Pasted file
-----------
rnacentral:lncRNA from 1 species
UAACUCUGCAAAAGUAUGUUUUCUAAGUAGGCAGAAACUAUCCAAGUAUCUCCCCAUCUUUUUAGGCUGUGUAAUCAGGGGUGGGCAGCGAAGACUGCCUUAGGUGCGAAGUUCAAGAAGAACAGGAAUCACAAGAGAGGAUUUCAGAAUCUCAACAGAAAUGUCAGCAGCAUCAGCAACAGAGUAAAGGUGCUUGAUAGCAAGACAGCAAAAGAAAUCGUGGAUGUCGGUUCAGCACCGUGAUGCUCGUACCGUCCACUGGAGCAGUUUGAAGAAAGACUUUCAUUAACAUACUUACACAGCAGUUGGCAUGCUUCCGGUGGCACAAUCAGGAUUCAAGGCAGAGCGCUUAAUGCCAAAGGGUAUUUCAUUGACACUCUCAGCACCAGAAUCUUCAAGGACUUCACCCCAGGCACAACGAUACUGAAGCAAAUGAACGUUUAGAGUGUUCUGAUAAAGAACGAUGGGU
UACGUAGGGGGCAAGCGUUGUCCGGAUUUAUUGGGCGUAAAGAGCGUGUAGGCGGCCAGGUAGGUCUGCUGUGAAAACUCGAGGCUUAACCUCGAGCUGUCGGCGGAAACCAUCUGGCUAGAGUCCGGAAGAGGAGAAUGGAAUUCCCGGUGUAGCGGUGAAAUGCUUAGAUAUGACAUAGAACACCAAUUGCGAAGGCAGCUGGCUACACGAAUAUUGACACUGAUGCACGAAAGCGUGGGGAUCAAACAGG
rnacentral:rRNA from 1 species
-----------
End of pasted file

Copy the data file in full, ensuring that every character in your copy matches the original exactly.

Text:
rnacentral:lncRNA from 1 species
UAACUCUGCAAAAGUAUGUUUUCUAAGUAGGCAGAAACUAUCCAAGUAUCUCCCCAUCUUUUUAGGCUGUGUAAUCAGGGGUGGGCAGCGAAGACUGCCUUAGGUGCGAAGUUCAAGAAGAACAGGAAUCACAAGAGAGGAUUUCAGAAUCUCAACAGAAAUGUCAGCAGCAUCAGCAACAGAGUAAAGGUGCUUGAUAGCAAGACAGCAAAAGAAAUCGUGGAUGUCGGUUCAGCACCGUGAUGCUCGUACCGUCCACUGGAGCAGUUUGAAGAAAGACUUUCAUUAACAUACUUACACAGCAGUUGGCAUGCUUCCGGUGGCACAAUCAGGAUUCAAGGCAGAGCGCUUAAUGCCAAAGGGUAUUUCAUUGACACUCUCAGCACCAGAAUCUUCAAGGACUUCACCCCAGGCACAACGAUACUGAAGCAAAUGAACGUUUAGAGUGUUCUGAUAAAGAACGAUGGGU
UACGUAGGGGGCAAGCGUUGUCCGGAUUUAUUGGGCGUAAAGAGCGUGUAGGCGGCCAGGUAGGUCUGCUGUGAAAACUCGAGGCUUAACCUCGAGCUGUCGGCGGAAACCAUCUGGCUAGAGUCCGGAAGAGGAGAAUGGAAUUCCCGGUGUAGCGGUGAAAUGCUUAGAUAUGACAUAGAACACCAAUUGCGAAGGCAGCUGGCUACACGAAUAUUGACACUGAUGCACGAAAGCGUGGGGAUCAAACAGG
rnacentral:rRNA from 1 species